By Eric Baker

Combat Mission: Afrika Korps is new game for PCs from Battlefront. As the name implies, the setting is the Mediterranean Theater of World War II including North Africa, Italy, Sicily and Crete. The years covered are 1940 to 1945. Players can compete against the computer or against one other player. The action is a hybrid of turn-based and real-time simulation with 3D graphics.

Afrika Korps is its own stand-alone game, but it is also part of the Combat Mission game series. AK has the same engine as the previous games but with improvements and changes to better portray the battles in its theater. For example, now the game takes into account multi-turreted tanks and the huge dust clouds created by military vehicles on the move in the desert. The game lets players refight the Deutsches Afrika Korps storming the fortress of Tobruk, Fallschirmjäger battles in Crete, or Patton’s drive through Sicily.

An optional addition to the two-player mode is the Historical Rarity of Units toggle. This keeps players from cherry picking the best of their army’s units for battles. Of course, players who enjoy such elite-on-elite fracases can turn this off. When the battles do start, the graphics and interface provide a 3D line-of-sight system, the possibility of misidentification of targets, and enemies being detected by sound, all of which were needed because the game now models spreading fires, billowing smoke, sand, wind, and night.

A different PC game with the same setting as AK that is also part of a series is Codename: Panzers–Phase II from CDV. C:PPII is also a real-time game, with style that is more war game-like rather than a simulation. The key to the single-player game in C:PII is the characters, most of whom return from Phase I, although the story of C:PII stands alone without having played the first. As players progress through the scenarios, they learn the story of the characters in journals and cut-scenes. This story and the experience system that lets units get better and better as they survive battles gives the player a reason to think of their units as more than just cannon fodder.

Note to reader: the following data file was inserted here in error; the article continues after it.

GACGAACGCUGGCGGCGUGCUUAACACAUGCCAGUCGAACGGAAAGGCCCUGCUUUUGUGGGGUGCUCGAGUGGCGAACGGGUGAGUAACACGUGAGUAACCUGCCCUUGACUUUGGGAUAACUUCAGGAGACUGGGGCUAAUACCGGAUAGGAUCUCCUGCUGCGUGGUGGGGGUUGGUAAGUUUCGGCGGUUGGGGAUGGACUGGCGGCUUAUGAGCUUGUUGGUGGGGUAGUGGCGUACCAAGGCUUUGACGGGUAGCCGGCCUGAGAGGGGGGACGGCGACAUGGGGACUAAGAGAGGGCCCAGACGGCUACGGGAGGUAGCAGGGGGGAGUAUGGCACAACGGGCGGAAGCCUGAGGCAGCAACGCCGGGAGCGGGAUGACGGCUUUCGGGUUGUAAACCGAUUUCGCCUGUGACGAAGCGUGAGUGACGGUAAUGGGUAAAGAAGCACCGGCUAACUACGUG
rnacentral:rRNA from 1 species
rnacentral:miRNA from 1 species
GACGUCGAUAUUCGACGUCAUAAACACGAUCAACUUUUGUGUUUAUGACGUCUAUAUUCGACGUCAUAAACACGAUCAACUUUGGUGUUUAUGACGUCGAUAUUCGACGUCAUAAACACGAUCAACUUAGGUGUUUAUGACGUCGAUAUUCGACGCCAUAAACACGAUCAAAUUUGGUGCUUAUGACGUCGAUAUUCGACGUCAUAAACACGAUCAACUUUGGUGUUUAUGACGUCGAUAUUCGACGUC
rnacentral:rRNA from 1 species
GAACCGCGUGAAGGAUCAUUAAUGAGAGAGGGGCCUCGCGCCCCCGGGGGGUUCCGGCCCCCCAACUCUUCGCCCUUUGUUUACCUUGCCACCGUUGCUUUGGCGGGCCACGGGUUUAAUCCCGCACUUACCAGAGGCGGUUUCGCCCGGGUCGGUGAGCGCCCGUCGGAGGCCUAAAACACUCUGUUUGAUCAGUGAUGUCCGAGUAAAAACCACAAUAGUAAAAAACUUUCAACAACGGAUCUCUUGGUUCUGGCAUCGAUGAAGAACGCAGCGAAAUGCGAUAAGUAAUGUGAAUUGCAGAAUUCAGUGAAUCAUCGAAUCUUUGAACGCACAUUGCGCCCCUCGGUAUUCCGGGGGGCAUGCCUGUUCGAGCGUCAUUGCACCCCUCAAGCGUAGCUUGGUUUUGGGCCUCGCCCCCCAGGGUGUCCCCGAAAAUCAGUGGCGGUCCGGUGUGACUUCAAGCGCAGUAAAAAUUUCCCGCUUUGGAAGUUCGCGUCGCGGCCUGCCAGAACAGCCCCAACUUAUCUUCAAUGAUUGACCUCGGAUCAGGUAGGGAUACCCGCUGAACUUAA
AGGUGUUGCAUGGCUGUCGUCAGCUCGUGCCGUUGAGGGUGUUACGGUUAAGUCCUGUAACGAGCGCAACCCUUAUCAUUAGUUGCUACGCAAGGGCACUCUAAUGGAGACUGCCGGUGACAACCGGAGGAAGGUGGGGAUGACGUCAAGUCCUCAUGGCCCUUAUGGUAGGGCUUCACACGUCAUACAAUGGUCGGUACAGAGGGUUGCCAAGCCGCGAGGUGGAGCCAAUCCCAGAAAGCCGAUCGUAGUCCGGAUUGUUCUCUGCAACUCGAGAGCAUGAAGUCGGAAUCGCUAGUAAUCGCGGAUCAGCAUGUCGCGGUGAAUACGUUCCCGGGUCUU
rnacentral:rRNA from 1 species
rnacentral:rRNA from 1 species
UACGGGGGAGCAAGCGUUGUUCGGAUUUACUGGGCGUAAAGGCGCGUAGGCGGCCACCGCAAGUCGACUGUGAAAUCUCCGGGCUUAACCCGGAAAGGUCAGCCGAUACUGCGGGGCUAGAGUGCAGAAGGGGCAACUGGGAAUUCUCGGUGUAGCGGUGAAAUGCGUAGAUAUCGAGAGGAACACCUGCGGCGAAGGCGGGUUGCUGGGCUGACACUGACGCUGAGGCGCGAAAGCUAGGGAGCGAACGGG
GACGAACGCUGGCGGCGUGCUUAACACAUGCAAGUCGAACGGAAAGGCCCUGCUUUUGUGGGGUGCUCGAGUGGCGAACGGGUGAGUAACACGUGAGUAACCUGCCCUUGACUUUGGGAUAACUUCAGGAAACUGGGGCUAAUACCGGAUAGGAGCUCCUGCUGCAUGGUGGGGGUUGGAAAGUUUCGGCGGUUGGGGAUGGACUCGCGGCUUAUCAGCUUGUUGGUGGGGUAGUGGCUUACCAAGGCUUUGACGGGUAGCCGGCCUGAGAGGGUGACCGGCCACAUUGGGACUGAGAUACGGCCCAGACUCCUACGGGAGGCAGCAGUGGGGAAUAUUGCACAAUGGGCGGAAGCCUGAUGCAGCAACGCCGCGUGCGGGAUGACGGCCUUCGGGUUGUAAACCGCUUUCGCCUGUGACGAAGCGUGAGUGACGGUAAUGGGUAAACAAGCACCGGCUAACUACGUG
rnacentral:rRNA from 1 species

None of which is to say that C:PPII doesn’t have its simulation elements and its historical accuracy. There are three campaigns: North Africa, Italy and Sicily, and the Yugoslavian partisan campaign. Only in the last of these do players really need to worry about any of their units besides the tank ones. As befits its name, C:PPII is mostly about the care and feeding and deployment of armored units, a fact that doesn’t make it any the less fun to play.

A smaller scale, smaller focus simulation of World War II combat is Merscom’s Squad Assault: Second Wave, also for PCs. This is a company-level simulation of squad-based tactical combat in France during 1944 displayed in a 3D real-time game. The goal is to model command difficulties and the real reactions of men under fire. The game is both single-player and multi-player over a LAN. There are 57 total single-player missions, some historical and others hypothetical.

While SA:SW is a fair traditional real-time game (meaning that the play keeps going even as the player is issuing orders), it does include a user defined auto-pause feature. This differs from a turn-based game in that the action only stops when certain things of the player’s choosing happen—such as a unit reaching its position on the map or coming under fire. Players can then issue orders and resume the game. Whether this is more or less realistic is a matter of taste, but it is certainly less frantic than straight real-time play.

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